Here are a few resources for you as you venture into the world of cookbook writing: 

Checklist
An 11-point checklist that helps you answer the question, “Am I Ready to Write a Cookbook?”

Cookbook Writing Workbook

What Is A Cookbook Coach? 

10 Reasons to Hire A Cookbook Coach

A New Way to Set Goals
A New Way to Set Goals

This morning I’m in New York City. I plan to visit Kitchen Arts and Letters bookstore (actually cookbook and food book store!) and visit the 911 Memorial. This afternoon I’ll head over to Book Expo America and tomorrow I sign galley copies of my two new cookbooks.

Set Goals From Abundance

I’m sure you have all set goals.

One way I learned to set goals was to write goals that were SMART – specific, measurable, actionable, realistic, and time-sensitive.

This method of goal setting focuses on lack. I’m here. My goal is there. We are separated until I reach my goal. For me this may lead to striving and putting my goal on a pedestal. That creates distance from the goal and it seems out of reach at least to me.

My business coach taught me to write goals in a new way.

Write them as if you already have them.

And, here’s the key – mix in goals you already have achieved.

For example:

I want a happy, loving marriage. I have a happy, loving marriage.
I want three healthy children. I have three healthy children.
I want to be a homeowner. I have a lovely, cozy home.
I want to save money for retirement. I have saved money for retirement.
I want clients I adore and that I can serve. I have clients I adore and that I can serve.
I want a healthy relationship with my mother and mother-in-law. I have a healthy relationship with my mother and mother-in-law.
I want to be an involved part of a large, extended family that I have fun with. I am an involved part of a large, extended family that I have fun with.
I want friends I love to spend time with. I have friends I love to spend time with.
I want to have freedom of time and good health. I have freedom of time and good health.
I want to write cookbooks. I have written four cookbooks.
I want to be a member of Les Dames Escoffier. I have an invitation to Les Dames!
I want a positive attitude based on my deliberate thoughts. I have a positive attitude based on my deliberate thoughts.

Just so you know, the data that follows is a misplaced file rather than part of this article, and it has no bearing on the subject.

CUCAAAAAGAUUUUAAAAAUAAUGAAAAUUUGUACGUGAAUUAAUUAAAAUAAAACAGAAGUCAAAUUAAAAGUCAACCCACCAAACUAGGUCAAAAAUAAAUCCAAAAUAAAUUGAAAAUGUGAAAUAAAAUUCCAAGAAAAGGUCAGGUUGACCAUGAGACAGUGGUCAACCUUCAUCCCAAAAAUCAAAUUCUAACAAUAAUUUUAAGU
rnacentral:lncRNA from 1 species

I want a business built around cookbooks. I have a business built around cookbooks.
I want to create value and a variety of offerings for my clients. I create value and offer services to my clients in a variety of ways.
I want to create a cookbook writers mastermind group. I have a cookbook writers mastermind group.
I want to have high-end private coaching clients. I have high-end coaching clients.
I want to leverage my expertise with book-writing software. I leverage my expertise with book-writing software.
I want the freedom to travel with my family. I have the freedom to travel with my family.
I want to believe that I can do anything if I show up to offer value and serve. I believe that I can do anything if I show up …

How To Write A Cookbook Revisited
How To Write A Cookbook Revisited

If you have been following me here on this blog for any time, you may know I can pretty easily rattle off the action steps to write a cookbook.

  • Identify your goals for publication
  • Define your cookbook concept
  • Evaluate routes to publication
  • Build your author platform
  • Check you commitment
  • Study your competition
  • Write a cookbook proposal
  • Shop for an agent or editor
  • Sign a contract OR
  • Decide to self-publish
  • Write your cookbook manuscript
  • Publish your book
  • Market your new book
  • If you want to read all about this action on my blog, click here.

Sounds simple right.

Actually, it is pretty cut and dry.

It’s easy to talk about action. Just do this. Then do that. Follow the steps. Write and publish your cookbook.

Then our brains seize up. Our brain wants to protect us and it sees change as scary.

We feel:

  • Scared of putting ourselves “out there. People won’t like me or my ideas.
  • Uncomfortable when we sit down to work. I don’t like putting my ideas on paper.
  • Uncertain of our ability. I’ve never done this before.
  • Overwhelmed. I have so much to do.
  • Confused. What concept should I write about? I have so many ideas.
  • Self-doubt. I’m not a “real” writer am I?.

Here’s the best news I have for you today: You can’t write a cookbook from there with a brain trying to control the show. If you feel this way, follow my Revised Steps To Write A Cookbook.